Thursday, October 13, 2011

Nosy Nellie has a strong opinion about EVERYTHING!!!

Oh, Batman. I love - and I mean LOVE - the fact that we just moved into a real neighborhood. Not only are your Dad's parents (your paternal grandparents, whatever their monikers might turn out to be) directly across the street, but our landlords - who live directly below us in the giant three-family house that we now inhabit - have known his family for decades, and most of the surrounding neighbors are either friendly and familiar faces, or the kinds of people who move to a quiet, residential suburban neighborhood because that is what they want, not just where finances and logistics dictate they settle. The upside: we're surrounded by people who, even if they aren't always like-minded, have the same standards for quiet, friendliness, and community that we do. The downside: we know everyone, everyone knows us (initially by proxy, because your Dad's mom is a voracious social butterfly, but now with the same background knowledge as people we've known for years), and everyone is in everyone's business. This is what we signed up for, and we both actually love having these kinds of relationships to delve into, but there are definite downsides.

One such neighbor has always been something of a Nosy Nellie. She is a rare and unique variant on the theme, in that she frequently enjoys stuffing her life in your face rather than just trying to stick her nose into yours, but the latter clearly offers her great pleasure as well. I worry that this Nosy Nellie may have tricked your Dad and I into a thorough run-down of all the baby- and parenting-related things we need to be careful of, scared of, aware of, and otherwise prepared for. She called (thanks a lot, Dad-in-Law for sharing my phone number!) and invited us over to look at a crib she had gotten for free from an online bulletin board. Thinking "aww, neighborly kindness!" we trotted over to her house...and were cornered for close to an hour while she thrust utterly inappropriate and personal advice upon us.

Word to the wise, Batman: when someone whose eccentricity rating surpasses "pretty darn weird" invites you into their house to look at something they got for free that they want to give you for free, think twice. It may - just possibly - be a ruse.

We entered Nellie's house, and immediately the red flags went flying. First, she wants to give us a tour of all her recent renovations.'s a friend of the family, and we haven't seen her house in years (your Dad) or ever (me). Still, a little odd. Second, she escorts us upstairs - through a door at the base of the stairs that she closes and latches behind us - and into a bedroom where we see the most potentially death-inducing crib mankind has ever engineered. This thing looked like it had all the structural integrity of a pile of chopsticks held together with paper clips. The sides consisted of round poles that are roughly a baby head's width apart, and one of the sides (the one that is meant to drop down, a feature determined to be massively dangerous and now not allowed on any new cribs) was so wiggly that it looked more or less like it was going to slam down if bumped against by a sleeping baby. Basically, it looked like a device that a serial killer might use to kill only the babies he really didn't like.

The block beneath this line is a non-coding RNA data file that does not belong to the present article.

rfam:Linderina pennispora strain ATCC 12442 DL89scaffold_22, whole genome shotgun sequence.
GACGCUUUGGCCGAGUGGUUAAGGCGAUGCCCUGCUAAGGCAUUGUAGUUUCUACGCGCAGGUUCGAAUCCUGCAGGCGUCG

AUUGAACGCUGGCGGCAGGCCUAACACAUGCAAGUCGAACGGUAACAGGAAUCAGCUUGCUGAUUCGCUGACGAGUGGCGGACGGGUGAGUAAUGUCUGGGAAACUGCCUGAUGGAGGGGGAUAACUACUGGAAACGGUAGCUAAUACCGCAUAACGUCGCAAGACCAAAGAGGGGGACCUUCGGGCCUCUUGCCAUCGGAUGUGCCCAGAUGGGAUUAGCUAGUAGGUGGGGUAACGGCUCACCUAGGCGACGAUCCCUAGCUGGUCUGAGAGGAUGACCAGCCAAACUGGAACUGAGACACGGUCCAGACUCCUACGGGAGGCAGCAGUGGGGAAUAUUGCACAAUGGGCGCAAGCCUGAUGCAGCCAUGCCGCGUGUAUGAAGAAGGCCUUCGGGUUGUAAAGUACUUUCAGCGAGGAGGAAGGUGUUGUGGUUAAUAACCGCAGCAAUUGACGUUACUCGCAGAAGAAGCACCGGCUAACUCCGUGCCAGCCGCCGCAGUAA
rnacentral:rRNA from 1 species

Your father and I made immediate and definitive eye contact that said "this is absolutely not an option, and we need to get out before this crib jumps out and tries to kill us." By then, it was too late. I politely mumbled something about the crib being too big (to which she responded that it was the same size as every other crib), then about not even being sure that we want a crib (which she thought was just ridiculous), then about how we probably just want to put a mattress on the floor so that you can chill out in your room if you wake up on your own some time, and so you never fall out of a high bed (which she, mysteriously, thought was a great idea). She let us off the hook: we didn't NEED to take the crib, but by that point, we were a captive audience. We did need to listen to her lecture us on the following:
  • Breastfeeding, and how I would have major challenges with it having a baby who receives surgery so early on (duh).
  • Breastfeeding, and how it is a miserable and oftentimes impossible process (thanks for that encouragement).
  • Breasts, and how they suffer from breastfeeding (yeah, I get it).
  • Sleep, and how we will never do it ever again. Ever.
  • Free time, and how we will never have it ever again. Ever.
  • A sense of personal freedom from the crippling obligation of parenthood, and how this destroys every other aspect of your life, making even the simplest pleasures (like pooping uninterrupted) practically worthy of a parade.
  • Her children's struggles with a baby who wouldn't latch, wouldn't sleep, and couldn't be left alone, and how they basically had to practice deliberate abandonment in order to wean her off of their anal-retentive attention.
  • The fact that her children's experiences with their offspring, and her experience with hers decades earlier, are all COMPLETELY RELEVANT AND WORTHY OF OUR EVERY MOTE OF ATTENTION AND CONSIDERATION.
Right. After making the entirely legitimate excuse of "er...we really need to go grocery shopping..." and waiting out about half an hour of additional advice-pushing, we managed to flee. Lesson learned, Batman: there's no such thing as a free crib.

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